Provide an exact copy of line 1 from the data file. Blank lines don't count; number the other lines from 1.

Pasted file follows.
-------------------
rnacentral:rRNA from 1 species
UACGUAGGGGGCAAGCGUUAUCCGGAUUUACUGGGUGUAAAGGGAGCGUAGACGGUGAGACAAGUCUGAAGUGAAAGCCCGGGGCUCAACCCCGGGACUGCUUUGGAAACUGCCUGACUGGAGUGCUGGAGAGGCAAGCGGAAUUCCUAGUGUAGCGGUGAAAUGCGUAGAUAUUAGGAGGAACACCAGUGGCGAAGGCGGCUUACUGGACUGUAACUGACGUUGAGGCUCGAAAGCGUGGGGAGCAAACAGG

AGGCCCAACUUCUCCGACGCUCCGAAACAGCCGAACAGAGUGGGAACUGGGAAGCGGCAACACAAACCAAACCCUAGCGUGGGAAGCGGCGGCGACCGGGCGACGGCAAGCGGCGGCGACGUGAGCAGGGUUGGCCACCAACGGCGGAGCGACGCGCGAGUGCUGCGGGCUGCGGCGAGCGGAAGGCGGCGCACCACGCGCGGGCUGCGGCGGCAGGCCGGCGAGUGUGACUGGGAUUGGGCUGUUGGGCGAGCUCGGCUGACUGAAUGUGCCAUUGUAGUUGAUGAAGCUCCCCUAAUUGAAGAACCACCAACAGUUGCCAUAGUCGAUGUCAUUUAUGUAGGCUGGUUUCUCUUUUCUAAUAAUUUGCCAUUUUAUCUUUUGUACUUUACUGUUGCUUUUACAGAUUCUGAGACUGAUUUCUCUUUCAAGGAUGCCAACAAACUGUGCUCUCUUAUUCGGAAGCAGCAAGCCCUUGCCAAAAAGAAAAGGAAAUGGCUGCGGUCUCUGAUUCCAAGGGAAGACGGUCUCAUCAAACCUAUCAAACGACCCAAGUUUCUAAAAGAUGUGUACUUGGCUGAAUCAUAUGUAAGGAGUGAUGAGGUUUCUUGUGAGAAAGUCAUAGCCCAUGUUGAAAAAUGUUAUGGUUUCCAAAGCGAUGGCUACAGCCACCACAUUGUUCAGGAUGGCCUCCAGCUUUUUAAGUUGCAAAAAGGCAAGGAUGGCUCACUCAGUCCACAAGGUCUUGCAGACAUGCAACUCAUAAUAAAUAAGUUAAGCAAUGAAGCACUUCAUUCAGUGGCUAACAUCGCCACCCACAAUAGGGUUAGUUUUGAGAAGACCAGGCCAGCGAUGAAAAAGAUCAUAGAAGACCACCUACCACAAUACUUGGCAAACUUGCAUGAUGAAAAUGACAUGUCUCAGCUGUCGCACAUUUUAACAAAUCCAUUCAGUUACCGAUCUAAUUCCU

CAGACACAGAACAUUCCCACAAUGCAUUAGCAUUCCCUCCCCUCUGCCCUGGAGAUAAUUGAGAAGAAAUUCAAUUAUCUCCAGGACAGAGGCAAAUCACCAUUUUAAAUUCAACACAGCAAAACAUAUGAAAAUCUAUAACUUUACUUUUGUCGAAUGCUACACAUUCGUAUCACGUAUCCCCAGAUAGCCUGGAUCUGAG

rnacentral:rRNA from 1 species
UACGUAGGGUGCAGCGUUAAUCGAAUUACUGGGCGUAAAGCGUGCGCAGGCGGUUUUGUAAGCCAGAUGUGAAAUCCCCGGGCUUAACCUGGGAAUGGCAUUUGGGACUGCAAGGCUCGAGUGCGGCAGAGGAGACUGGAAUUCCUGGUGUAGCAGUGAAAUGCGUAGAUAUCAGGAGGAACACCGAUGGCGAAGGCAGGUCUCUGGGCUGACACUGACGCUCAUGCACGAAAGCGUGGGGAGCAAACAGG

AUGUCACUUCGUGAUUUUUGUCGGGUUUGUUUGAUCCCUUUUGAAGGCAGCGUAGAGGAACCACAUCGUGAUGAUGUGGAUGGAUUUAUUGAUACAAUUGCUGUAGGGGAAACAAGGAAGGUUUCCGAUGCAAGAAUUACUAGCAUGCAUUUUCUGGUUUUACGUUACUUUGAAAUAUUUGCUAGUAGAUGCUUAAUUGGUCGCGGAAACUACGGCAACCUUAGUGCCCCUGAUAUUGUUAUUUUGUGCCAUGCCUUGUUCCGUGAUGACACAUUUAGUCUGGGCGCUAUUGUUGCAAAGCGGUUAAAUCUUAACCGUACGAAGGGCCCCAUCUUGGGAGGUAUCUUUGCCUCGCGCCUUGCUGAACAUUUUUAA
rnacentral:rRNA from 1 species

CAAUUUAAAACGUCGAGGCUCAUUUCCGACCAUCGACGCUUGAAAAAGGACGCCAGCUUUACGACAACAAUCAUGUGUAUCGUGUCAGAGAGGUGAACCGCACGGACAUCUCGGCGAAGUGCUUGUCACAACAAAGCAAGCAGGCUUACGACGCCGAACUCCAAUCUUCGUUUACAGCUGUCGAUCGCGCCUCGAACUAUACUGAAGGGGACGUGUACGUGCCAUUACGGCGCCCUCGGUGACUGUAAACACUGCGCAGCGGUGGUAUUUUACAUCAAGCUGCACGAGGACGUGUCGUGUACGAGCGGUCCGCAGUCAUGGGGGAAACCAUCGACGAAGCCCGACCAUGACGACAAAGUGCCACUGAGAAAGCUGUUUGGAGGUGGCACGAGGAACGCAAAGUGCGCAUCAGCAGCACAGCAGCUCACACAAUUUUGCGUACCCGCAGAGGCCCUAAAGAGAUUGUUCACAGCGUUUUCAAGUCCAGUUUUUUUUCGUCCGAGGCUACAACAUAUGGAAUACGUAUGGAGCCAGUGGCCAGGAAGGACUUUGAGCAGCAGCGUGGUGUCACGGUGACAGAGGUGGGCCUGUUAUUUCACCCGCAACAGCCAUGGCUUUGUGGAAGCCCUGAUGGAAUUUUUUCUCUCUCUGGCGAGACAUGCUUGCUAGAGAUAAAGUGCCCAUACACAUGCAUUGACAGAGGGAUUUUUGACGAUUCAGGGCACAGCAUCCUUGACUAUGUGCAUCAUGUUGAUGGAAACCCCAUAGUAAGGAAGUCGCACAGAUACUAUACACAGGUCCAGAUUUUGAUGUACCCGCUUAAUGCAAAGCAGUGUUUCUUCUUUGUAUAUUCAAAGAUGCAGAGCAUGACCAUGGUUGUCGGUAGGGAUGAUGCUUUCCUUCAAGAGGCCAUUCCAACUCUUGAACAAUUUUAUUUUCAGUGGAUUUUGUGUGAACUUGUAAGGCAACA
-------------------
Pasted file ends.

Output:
rnacentral:rRNA from 1 species